Jazz takes the first nap. She is about due to wake up when we hear a crash inside, and she reports that we have lost the hot sauce shelf. As I lean down to listen to her report, I can smell the hot pepper coming out her window.
Jazz takes the sunrise shift, which brings us possibly a little closer than we should have gotten to yet another oil platform.
It’s later; Jazz has taken her shift and is back asleep. I have turned on the engine as the wind has shifted too far north for us to sail. When I go to rinse off an apple, I notice that the water flow is low. I check the tanks, and they have water, and the pump is working, which means we have a leak. I turn off the pump and go back to the tiller. I can’t really leave it unattended for more than a minute: even with it tied in place, the shifting wind can spin the boat off course quite rapidly. When Jazz wakes up, we find the leak in the first place we look: the output hose has come entirely off of the water heater, and the engine bilge is full of hot water. At least it’s a relatively easy fix.
The day passes, the wind gradually relaxes, and we find ourselves motoring again. Eventually a little bit of wind comes back, but it’s basically on the nose, unusable unless we want to take a lot of long, slow tacks. As evening falls and we near Grenada, we find a southbound current, and we spend the night crawling along the windward coast at 1-2 knots. We are still experimenting with ways to tie the tiller down enough to hold a course, without making it too annoying to make corrections.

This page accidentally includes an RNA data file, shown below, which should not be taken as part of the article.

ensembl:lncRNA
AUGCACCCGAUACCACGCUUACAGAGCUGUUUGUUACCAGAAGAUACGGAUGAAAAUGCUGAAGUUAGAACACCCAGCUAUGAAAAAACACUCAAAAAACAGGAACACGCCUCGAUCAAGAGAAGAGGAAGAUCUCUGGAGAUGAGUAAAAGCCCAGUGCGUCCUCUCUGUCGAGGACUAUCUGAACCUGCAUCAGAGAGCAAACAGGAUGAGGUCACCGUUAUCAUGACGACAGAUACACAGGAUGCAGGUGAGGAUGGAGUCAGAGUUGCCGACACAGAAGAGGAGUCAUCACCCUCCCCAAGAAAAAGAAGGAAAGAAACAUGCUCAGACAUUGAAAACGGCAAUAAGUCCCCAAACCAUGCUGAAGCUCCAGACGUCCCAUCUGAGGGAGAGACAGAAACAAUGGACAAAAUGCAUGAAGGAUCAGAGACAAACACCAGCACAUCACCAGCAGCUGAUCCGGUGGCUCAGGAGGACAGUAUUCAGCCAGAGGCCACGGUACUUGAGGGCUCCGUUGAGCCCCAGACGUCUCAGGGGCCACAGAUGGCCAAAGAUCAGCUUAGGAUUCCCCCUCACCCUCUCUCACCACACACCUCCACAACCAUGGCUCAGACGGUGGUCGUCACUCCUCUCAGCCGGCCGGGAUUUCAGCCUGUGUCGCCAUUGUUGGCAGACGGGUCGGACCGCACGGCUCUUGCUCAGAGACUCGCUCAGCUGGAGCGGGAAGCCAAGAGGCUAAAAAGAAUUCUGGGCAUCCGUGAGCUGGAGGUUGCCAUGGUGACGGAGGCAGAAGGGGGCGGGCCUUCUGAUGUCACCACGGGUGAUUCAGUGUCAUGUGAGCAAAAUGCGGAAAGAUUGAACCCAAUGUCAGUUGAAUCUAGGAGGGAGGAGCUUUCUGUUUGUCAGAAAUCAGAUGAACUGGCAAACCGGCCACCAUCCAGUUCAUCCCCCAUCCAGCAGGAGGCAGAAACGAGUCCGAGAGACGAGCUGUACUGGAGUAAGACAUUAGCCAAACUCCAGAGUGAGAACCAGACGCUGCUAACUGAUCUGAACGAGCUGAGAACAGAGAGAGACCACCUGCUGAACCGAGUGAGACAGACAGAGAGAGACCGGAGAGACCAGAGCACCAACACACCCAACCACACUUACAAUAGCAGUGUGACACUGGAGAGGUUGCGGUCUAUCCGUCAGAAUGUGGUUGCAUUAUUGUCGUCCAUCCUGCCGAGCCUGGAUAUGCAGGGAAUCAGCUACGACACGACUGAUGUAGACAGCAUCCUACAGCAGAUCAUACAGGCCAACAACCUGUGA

The story of the night is lightning. Everywhere.
Sunrise was not just beautiful, but very, very welcome.
Captain looked like we all felt.
In the morning, we pass Carriacou, waving figuratively at our friends who are hauled out there, and we drop anchor in Chatham Bay in Union Island, the southernmost Grenadine. We have now traveled about 290 miles to get back to the country we started in, and we’re still almost 30 miles from our replacement parts.
The parts, due to weather, are delayed until at least tomorrow. We decide to hang out until the weather is more conducive to sailing the rest of the way, and treat ourselves to a barbecue dinner, which (due to COVID) is delivered to our boat. This suits us just fine.
Good report. K now a little about hydraulic steering now. This is a great seafaring story. Thank you.
Harrowing!!! Glad you are safe enough to post about it =)
As your mother, I’m kind of glad I was blessedly ignorant about all this – that sounds like it was really stressful and dangerous and exhausting. Plus catshit and hot sauce.